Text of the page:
Consider how software designers write a multithreaded program - there is usually a master thread that performs some initialization steps and then forks off a number of child threads to do some parallel computation and when all the parallel computation is done, the main thread collates the results and writes to the output. The programmer has to figure out what parts can be forked off for parallel computation and what parts need to be executed sequentially. This fork/join type of parallelism applies as well to FPGAs as it does to CPUs, but a key pattern for throughput on FPGAs is the producer-consumer paradigm. You need to apply the producer-consumer paradigm to a sequential program and convert it to extract functionality that can be executed in parallel to improve performance.
You can better understand this decomposition process with the help of a simple problem statement. Assume that you have a datasheet from which we will import items into a list. You will then process each item in the list. The processing of each item takes around 2 seconds. After processing, you will write the result in another datasheet and this action will take an additional 1 second per item. So if you have a total of 100 items in the input Excel sheet then it will take a total of 300 seconds to generate output. The goal is to decompose this problem in such a way that you can identify tasks that can potentially execute in parallel and therefore increase the throughput of the system.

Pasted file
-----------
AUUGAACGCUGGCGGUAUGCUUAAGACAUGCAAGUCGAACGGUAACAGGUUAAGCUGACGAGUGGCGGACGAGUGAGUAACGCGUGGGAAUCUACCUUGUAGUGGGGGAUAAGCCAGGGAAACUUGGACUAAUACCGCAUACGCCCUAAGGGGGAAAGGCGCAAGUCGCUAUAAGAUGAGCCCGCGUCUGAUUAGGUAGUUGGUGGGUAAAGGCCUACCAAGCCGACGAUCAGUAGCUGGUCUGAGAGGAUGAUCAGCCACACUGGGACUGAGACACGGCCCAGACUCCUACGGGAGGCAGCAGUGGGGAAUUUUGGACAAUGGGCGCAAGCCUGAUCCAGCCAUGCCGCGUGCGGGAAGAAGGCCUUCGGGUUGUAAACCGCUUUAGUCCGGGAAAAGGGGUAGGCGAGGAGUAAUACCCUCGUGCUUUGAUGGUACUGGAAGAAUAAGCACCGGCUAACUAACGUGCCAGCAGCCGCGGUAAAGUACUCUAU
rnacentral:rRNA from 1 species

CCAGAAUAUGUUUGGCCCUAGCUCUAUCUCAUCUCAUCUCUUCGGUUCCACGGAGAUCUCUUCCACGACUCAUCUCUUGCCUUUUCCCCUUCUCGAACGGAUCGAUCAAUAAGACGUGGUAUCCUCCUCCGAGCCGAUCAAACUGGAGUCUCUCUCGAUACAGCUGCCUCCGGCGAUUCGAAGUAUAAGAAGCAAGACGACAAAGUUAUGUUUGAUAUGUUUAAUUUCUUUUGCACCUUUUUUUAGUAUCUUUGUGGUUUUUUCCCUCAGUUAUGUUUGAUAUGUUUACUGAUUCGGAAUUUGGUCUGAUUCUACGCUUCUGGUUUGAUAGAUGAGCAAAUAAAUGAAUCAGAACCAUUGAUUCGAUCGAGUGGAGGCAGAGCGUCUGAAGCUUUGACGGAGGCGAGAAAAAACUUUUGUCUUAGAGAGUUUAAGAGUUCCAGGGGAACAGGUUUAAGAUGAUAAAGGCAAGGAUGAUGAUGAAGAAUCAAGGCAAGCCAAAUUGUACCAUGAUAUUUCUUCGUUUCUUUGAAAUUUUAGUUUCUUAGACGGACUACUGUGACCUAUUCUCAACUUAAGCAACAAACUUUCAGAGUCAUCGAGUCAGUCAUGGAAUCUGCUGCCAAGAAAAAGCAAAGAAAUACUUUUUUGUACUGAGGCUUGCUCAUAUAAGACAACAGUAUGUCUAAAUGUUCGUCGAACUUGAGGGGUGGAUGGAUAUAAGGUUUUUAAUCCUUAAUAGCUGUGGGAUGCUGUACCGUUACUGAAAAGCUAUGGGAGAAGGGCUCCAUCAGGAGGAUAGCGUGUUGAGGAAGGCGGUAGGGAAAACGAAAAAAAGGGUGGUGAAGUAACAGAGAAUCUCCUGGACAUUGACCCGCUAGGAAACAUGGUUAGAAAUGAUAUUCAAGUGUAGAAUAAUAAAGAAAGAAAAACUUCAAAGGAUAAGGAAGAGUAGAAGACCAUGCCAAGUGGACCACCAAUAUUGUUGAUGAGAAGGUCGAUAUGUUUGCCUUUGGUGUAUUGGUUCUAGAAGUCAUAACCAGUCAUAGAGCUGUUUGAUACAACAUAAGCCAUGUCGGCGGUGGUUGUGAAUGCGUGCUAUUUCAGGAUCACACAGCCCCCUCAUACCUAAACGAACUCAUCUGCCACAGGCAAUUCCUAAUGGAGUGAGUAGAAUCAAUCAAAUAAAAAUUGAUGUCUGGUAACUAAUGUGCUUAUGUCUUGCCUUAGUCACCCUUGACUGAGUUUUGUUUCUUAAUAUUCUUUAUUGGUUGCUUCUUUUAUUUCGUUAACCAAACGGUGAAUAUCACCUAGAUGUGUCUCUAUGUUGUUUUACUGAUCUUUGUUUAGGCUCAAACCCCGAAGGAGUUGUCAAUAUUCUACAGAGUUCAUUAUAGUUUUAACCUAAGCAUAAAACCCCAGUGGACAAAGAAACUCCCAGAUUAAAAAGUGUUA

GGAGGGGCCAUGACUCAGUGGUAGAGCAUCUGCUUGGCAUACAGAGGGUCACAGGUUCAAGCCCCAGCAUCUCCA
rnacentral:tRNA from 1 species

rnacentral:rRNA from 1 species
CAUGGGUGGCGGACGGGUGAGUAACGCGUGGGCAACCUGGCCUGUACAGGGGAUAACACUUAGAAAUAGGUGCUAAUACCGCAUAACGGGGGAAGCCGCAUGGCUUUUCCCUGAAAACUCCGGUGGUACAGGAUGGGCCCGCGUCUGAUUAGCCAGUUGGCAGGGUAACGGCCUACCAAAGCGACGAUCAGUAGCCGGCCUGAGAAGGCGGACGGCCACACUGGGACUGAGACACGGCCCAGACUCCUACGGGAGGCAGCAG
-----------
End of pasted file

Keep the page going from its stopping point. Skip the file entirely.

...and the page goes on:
The first step is to understand the program workflow and identify the independent tasks or functions. The four-step workflow is something like the Program Workflow (no overlap) shown in the above diagram. In the example, the "Write Output" (step 3) task is independent of the "Process Data" (step 2) processing task. Although step 3 depends on the output of step 2, as soon as any of the items are processed in Step 2, you can immediately write that item to the output file. You don't have to wait for all the data to be processed before starting to write data to the output file. This type of interleaving/overlapping the execution of tasks is a very common principle. This is illustrated in the above diagram (For example: the program workflow with overlap). As can be seen, the work gets done faster than with no overlap. You can now recognize that step 2 is the producer, and step 3 is the consumer. The producer-consumer pattern has a limited impact on performance on a CPU. You can interleave the execution of the steps of each thread but this requires careful analysis to exploit the underlying multi-threading and L1 cache architecture and therefore a time consuming activity. On FPGAs however, due to the custom architecture, the producer and consumer threads can be executed simultaneously with little or no overhead leading to a considerable improvement in throughput.